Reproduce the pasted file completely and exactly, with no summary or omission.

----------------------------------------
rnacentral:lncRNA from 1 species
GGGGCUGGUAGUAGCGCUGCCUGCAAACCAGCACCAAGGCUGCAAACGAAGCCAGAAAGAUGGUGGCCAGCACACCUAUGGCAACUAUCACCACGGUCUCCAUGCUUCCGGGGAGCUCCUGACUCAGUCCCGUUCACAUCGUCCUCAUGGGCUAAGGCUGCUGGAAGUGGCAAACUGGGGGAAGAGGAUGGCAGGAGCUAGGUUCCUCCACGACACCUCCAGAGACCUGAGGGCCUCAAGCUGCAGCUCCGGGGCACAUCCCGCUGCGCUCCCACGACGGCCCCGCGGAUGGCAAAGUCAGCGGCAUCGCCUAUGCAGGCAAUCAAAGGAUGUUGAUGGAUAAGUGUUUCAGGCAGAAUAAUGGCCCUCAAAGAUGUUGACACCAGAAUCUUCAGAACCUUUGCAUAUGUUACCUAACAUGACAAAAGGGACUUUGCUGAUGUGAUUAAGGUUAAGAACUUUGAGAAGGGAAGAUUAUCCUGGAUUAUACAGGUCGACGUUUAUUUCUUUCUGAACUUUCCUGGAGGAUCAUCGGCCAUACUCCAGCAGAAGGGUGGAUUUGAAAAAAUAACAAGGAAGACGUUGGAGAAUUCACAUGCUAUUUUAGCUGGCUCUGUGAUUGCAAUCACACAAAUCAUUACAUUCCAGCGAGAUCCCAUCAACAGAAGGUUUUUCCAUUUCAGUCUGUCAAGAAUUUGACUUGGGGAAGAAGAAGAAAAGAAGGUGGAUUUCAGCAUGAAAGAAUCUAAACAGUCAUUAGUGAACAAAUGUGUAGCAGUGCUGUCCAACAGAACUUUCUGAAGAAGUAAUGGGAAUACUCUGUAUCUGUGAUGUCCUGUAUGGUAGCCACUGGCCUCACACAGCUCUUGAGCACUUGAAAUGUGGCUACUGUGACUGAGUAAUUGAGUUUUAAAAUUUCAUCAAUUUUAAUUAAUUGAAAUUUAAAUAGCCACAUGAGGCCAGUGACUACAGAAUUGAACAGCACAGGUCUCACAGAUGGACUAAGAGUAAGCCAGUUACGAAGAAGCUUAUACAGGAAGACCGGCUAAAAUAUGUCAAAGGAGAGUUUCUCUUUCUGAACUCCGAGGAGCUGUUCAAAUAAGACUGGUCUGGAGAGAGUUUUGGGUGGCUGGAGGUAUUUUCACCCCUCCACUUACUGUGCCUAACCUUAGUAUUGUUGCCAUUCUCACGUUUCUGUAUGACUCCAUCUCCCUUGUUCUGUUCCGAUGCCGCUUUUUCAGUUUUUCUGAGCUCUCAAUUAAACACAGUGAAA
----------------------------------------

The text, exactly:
rnacentral:lncRNA from 1 species
GGGGCUGGUAGUAGCGCUGCCUGCAAACCAGCACCAAGGCUGCAAACGAAGCCAGAAAGAUGGUGGCCAGCACACCUAUGGCAACUAUCACCACGGUCUCCAUGCUUCCGGGGAGCUCCUGACUCAGUCCCGUUCACAUCGUCCUCAUGGGCUAAGGCUGCUGGAAGUGGCAAACUGGGGGAAGAGGAUGGCAGGAGCUAGGUUCCUCCACGACACCUCCAGAGACCUGAGGGCCUCAAGCUGCAGCUCCGGGGCACAUCCCGCUGCGCUCCCACGACGGCCCCGCGGAUGGCAAAGUCAGCGGCAUCGCCUAUGCAGGCAAUCAAAGGAUGUUGAUGGAUAAGUGUUUCAGGCAGAAUAAUGGCCCUCAAAGAUGUUGACACCAGAAUCUUCAGAACCUUUGCAUAUGUUACCUAACAUGACAAAAGGGACUUUGCUGAUGUGAUUAAGGUUAAGAACUUUGAGAAGGGAAGAUUAUCCUGGAUUAUACAGGUCGACGUUUAUUUCUUUCUGAACUUUCCUGGAGGAUCAUCGGCCAUACUCCAGCAGAAGGGUGGAUUUGAAAAAAUAACAAGGAAGACGUUGGAGAAUUCACAUGCUAUUUUAGCUGGCUCUGUGAUUGCAAUCACACAAAUCAUUACAUUCCAGCGAGAUCCCAUCAACAGAAGGUUUUUCCAUUUCAGUCUGUCAAGAAUUUGACUUGGGGAAGAAGAAGAAAAGAAGGUGGAUUUCAGCAUGAAAGAAUCUAAACAGUCAUUAGUGAACAAAUGUGUAGCAGUGCUGUCCAACAGAACUUUCUGAAGAAGUAAUGGGAAUACUCUGUAUCUGUGAUGUCCUGUAUGGUAGCCACUGGCCUCACACAGCUCUUGAGCACUUGAAAUGUGGCUACUGUGACUGAGUAAUUGAGUUUUAAAAUUUCAUCAAUUUUAAUUAAUUGAAAUUUAAAUAGCCACAUGAGGCCAGUGACUACAGAAUUGAACAGCACAGGUCUCACAGAUGGACUAAGAGUAAGCCAGUUACGAAGAAGCUUAUACAGGAAGACCGGCUAAAAUAUGUCAAAGGAGAGUUUCUCUUUCUGAACUCCGAGGAGCUGUUCAAAUAAGACUGGUCUGGAGAGAGUUUUGGGUGGCUGGAGGUAUUUUCACCCCUCCACUUACUGUGCCUAACCUUAGUAUUGUUGCCAUUCUCACGUUUCUGUAUGACUCCAUCUCCCUUGUUCUGUUCCGAUGCCGCUUUUUCAGUUUUUCUGAGCUCUCAAUUAAACACAGUGAAA